Hidden from small

Hidden from small

November 2013

November 27, 2013

Richard Egarr Answers Our Questions

Since being appointed music director of the Academy of Ancient Music in 2006, Richard Egarr has directed that orchestra in concerts around the world and in a number of acclaimed recordings. He also often performs with non-period orchestras, but until this weekend has never conducted The Philadelphia Orchestra. We asked him five questions in anticipation of his appearance.

November 22, 2013

With Heavy Hearts, Maestro Ormandy and The Philadelphia Orchestra Honored President Kennedy

It was a typical Philadelphia Orchestra program on Friday, November 22, 1963.

Before taking the stage of the Academy of Music at 2 PM, however, the musicians had been told that President Kennedy had been shot—but nothing further was known.

And so Maestro Eugene Ormandy and the Orchestra launched into Mendelssohn’s A Midsummer Night’s Dream.

Alerted by an offstage signal, Ormandy halted the performance. The Orchestra manager informed the audience of the awful news. The president had been assassinated.

November 06, 2013

Elizabeth Hainen - Behind the Scenes

Elizabeth Hainen Principal Harp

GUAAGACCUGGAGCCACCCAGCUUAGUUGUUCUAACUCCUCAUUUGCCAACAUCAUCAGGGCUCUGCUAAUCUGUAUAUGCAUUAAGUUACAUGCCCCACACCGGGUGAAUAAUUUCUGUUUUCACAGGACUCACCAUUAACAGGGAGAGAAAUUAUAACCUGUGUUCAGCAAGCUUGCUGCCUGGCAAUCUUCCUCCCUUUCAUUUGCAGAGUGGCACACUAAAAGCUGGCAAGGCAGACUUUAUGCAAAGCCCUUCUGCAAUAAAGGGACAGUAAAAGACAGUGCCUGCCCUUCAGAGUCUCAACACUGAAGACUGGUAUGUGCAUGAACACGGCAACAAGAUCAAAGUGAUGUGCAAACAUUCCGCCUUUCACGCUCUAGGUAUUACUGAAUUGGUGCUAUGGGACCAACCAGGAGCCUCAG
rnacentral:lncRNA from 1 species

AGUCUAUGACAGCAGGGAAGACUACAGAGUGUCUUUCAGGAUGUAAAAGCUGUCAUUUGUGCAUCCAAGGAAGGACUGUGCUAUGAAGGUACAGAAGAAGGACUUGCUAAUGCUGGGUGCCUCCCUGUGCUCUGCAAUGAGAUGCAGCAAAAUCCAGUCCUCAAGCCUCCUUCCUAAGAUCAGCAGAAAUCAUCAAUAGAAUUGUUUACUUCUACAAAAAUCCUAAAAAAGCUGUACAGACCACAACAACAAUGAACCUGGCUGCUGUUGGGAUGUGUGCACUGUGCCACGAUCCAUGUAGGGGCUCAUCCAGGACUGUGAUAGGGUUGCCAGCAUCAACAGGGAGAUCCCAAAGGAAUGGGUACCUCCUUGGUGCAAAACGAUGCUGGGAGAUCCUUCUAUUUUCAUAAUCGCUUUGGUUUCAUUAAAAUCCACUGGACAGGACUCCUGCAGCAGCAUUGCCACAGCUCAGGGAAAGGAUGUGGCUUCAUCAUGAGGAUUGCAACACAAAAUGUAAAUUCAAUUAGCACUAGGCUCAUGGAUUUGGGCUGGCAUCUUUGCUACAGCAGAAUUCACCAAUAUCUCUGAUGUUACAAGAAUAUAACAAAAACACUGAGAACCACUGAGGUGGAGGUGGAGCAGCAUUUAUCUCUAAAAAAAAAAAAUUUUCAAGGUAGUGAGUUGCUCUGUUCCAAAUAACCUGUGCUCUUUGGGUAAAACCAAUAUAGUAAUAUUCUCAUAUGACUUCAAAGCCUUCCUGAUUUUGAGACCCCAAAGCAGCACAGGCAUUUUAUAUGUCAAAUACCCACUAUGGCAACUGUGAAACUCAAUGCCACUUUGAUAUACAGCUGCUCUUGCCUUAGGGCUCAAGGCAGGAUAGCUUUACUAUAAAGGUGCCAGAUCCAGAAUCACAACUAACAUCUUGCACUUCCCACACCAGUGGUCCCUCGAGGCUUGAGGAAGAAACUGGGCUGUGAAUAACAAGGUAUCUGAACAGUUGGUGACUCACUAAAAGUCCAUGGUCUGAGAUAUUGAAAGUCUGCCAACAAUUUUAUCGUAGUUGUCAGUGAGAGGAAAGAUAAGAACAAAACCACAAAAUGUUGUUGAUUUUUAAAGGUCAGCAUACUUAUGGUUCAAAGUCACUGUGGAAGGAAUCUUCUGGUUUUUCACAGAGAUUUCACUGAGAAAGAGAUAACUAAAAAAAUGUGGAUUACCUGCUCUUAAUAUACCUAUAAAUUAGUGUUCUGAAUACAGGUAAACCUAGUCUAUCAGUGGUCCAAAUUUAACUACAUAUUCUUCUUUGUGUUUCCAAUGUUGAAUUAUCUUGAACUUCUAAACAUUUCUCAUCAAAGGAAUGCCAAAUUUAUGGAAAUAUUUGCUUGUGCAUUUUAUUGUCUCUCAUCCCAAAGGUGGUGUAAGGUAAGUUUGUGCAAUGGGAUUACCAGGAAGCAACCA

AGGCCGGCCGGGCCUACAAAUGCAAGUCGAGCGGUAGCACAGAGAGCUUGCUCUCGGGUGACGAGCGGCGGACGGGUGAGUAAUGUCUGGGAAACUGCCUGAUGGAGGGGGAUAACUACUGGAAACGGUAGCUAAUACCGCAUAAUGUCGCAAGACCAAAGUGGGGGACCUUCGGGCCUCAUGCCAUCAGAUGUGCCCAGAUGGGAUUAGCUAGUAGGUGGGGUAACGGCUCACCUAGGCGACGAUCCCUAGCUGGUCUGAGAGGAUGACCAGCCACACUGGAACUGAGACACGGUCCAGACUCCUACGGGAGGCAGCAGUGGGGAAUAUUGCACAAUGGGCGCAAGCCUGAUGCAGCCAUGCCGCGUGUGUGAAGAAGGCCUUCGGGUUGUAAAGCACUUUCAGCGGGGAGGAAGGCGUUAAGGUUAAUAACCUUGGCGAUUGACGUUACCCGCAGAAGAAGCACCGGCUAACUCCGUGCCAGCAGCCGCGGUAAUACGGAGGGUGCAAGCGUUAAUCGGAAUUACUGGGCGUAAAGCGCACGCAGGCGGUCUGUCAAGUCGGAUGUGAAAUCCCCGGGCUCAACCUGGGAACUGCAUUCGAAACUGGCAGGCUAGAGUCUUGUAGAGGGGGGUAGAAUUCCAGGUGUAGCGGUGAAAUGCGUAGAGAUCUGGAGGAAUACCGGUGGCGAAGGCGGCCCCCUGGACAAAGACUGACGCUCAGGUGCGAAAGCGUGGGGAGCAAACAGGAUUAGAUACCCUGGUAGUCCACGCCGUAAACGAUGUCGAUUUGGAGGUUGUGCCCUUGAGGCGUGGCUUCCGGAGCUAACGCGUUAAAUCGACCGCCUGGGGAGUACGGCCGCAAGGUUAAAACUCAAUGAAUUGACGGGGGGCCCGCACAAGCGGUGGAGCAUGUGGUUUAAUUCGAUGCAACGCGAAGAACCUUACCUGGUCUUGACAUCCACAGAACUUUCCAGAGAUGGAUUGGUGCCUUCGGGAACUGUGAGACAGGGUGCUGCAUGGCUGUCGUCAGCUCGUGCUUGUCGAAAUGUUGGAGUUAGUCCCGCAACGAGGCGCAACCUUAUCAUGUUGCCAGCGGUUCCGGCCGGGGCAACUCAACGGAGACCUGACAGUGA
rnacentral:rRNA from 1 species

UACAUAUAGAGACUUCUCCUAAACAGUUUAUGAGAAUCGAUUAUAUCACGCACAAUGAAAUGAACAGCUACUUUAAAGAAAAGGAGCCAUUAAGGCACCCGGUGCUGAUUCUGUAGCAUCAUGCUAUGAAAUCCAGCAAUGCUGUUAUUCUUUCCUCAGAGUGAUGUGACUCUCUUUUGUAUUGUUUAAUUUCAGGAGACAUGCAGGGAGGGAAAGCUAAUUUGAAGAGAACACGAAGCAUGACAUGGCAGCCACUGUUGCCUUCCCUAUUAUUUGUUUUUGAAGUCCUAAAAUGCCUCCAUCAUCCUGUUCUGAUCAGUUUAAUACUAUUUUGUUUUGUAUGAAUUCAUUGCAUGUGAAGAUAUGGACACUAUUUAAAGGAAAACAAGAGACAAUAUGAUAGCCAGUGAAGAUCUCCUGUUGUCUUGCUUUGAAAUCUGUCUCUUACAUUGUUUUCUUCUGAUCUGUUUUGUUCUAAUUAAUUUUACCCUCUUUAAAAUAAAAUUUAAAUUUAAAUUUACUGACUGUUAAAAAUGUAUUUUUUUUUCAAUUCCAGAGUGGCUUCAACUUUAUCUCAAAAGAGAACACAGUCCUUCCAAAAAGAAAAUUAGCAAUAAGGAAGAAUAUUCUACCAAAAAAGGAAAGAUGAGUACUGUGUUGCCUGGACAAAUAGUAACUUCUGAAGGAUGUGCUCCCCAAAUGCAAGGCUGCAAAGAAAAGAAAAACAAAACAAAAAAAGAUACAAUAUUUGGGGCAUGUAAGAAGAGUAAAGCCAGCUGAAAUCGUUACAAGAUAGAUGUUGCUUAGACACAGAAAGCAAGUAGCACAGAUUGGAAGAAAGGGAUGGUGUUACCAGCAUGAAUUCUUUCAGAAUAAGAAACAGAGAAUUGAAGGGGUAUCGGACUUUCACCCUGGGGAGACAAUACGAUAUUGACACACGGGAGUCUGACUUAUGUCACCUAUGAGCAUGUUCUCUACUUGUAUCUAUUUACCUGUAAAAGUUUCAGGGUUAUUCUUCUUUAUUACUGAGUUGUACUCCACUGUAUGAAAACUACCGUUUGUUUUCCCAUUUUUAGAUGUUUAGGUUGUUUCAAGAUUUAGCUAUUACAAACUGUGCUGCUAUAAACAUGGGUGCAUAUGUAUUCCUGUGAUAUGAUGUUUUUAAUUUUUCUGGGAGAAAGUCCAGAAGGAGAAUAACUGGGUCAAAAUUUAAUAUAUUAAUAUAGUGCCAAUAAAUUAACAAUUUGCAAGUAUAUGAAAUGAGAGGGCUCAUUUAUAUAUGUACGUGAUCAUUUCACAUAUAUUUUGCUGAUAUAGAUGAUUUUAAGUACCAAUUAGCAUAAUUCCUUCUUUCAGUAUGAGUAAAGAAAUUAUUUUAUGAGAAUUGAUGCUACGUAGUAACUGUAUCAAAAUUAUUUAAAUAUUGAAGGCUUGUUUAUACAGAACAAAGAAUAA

Each month in the Orchestra’s Playbill, we feature one musician in a question-and-answer segment. Below is that feature in its entirety.

Where were you born? Toledo, Ohio.

What piece of music could you play over and over again? Bach’s Double Violin Concerto.

November 06, 2013

Claudia and Richard Balderston - In the Spotlight

A Monthly Series of Donor and Patron Profiles

Don’t ask Claudia Balderston about her first encounter with The Philadelphia Orchestra. The Philadelphians have been in her world for so long, she can’t recall life without them. “I don’t remember!” she insists. “The Orchestra has always been a part of our lives. We’ve been subscription holders forever.”

November 01, 2013

Premiere Performances: Standing Ovations for Three New Works Showcasing the Fabulous Philadelphia Sound

Even as the last sounds of Tan Dun’s Nu Shu were reverberating through Verizon Hall, the audience was on its feet. “The response blew me away,” says Principal Harp Elizabeth Hainen, who had just given the American premiere of Tan Dun’s Nu Shu: The Secret Songs of Women, Symphony for Microfilms, Harp, and Orchestra, which the composer wrote specifically for her. “It was such a rush for me and it was actually incredibly emotional. I just never know what this piece is going to do to me. We played it in Shanghai and I got emotional there but this was such a homecoming … such wonderful support from my colleagues and Yannick. What a fantastic experience.”